“This is where we keep all of our horror pictures. Yes, there’s Dracula, and there’s the Wolf Man, and there’s Dr. Jekyll and Mr. Hyde. But wait. Wait until you see our latest horror creature. The Creature from the Black Lagoon.”
I had two choices on what to review today. I could’ve picked the 1953 feature film Abbott and Costello Meet Dr. Jekyll and Mr. Hyde, which starred horror regular Boris Karloff as Dr. Jekyll. I seriously debated whether I would review it or not. It was one of Abbott and Costello’s four monster meeting films and would’ve rounded out this month of movies.
I ultimately didn’t go with it because it felt strange to review a comedy riffing on Jekyll and Hyde movies when I never reviewed one this month. Instead, I’m doing something I’ve never done: reviewing a sketch.
On February 21, 1954, just nine days after the premiere of The Creature from the Black Lagoon, Abbott and Costello appeared on The Colgate Comedy Hour (1950-1955). They did a 15 -minute sketch where they, within the fiction of the bit, went to the spooky Universal prop room to get some stuff for their appearance on the show. The room is filled with dummies of Dracula, Dr. Jekyll and Mr. Hyde, and the Wolf Man. While there, the two meet a mad prop man who keeps reading a scary murder story to the jumpy Costello’s disappointment and they cross paths with the Invisible Man, the Frankenstein Monster, and the Creature from the Black Lagoon (played by Ben Chapman, the man who actually portrayed the Gill-Man in Creature‘s above water sequences).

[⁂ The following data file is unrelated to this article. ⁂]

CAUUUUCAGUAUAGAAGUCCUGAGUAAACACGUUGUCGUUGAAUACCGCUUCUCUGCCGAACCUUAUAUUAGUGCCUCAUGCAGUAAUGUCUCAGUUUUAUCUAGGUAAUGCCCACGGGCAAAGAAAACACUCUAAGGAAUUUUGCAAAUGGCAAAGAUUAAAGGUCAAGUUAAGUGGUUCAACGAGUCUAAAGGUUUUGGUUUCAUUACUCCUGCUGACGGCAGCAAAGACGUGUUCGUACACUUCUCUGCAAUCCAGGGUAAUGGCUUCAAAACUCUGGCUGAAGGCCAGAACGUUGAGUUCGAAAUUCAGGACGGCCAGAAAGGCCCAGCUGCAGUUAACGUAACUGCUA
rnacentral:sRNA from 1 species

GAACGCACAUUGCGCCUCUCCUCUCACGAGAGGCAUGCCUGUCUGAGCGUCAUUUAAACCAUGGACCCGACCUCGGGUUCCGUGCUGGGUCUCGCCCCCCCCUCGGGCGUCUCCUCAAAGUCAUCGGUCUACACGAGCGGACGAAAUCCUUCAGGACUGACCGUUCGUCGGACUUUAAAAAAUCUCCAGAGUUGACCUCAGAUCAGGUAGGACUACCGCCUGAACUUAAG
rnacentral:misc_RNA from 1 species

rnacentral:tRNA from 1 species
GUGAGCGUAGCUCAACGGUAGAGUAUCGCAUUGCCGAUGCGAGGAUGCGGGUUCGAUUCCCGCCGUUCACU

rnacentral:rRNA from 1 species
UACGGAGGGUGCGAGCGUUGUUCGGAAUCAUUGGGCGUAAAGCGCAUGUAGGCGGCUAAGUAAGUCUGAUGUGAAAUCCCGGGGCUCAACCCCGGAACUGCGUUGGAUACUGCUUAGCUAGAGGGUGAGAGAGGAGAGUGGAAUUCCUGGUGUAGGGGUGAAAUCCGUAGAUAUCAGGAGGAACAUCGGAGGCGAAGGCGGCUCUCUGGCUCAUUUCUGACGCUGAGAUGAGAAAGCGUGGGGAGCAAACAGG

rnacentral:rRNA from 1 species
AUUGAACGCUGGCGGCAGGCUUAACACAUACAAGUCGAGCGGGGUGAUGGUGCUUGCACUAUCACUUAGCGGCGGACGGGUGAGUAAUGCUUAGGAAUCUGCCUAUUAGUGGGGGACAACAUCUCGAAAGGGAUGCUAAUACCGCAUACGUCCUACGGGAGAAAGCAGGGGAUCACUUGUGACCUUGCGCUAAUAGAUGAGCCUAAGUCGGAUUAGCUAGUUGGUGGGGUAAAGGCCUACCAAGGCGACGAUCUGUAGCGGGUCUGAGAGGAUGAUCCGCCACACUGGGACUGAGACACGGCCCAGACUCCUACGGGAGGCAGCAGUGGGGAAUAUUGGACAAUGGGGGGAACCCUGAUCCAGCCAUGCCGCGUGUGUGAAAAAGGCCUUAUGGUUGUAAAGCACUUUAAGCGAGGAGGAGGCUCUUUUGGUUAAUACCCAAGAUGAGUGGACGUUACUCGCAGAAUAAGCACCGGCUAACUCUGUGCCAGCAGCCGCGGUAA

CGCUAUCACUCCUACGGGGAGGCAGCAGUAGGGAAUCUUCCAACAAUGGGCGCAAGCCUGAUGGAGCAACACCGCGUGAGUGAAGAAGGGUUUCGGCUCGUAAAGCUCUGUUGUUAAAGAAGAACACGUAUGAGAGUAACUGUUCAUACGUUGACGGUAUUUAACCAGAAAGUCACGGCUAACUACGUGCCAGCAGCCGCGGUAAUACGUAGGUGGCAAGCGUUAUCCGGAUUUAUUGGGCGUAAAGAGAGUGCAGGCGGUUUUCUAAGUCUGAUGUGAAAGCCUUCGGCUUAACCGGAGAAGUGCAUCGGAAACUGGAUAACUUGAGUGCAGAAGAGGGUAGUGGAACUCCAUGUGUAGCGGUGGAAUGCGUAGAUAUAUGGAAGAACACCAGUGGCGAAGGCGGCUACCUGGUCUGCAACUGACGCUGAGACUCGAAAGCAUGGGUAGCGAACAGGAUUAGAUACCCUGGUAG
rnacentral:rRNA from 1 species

This being a short sketch, I don’t have tons to say. The comedy bits between Costello, Abbott, and the prop man range from creepy sounds only Costello can hear, to a pen holder that Costello alone sees move, a floating cigarette, and a creaking coffin. They’re fine jokes, but nothing you can’t get from the duo’s other monster-meet films. So unless you’re an Abbott and Costello completist, there’s no real big need to check this out.
Even the chance to see them interact with the Gill-Man for the first and only time isn’t that satisfying. The Gill-Man only shows up in the concluding seconds of the bit. It’s funny when he finally shows up, but it’s a very brief interaction that only makes you wish this was a feature film. It’s sad they never did do a movie with the half-man, half-fish creature; it would’ve been fun to see Abbott and Costello in an underwater setting, and it would’ve completed the six monster set.
Sadly, a full-length picture never happened with the Gill-Man. So, we’re left with this little relic from TV past. Check it out below if you feel the need, but you’re not missing out on anything great if you skip it. It’s standard Abbott and Costello. Nothing more.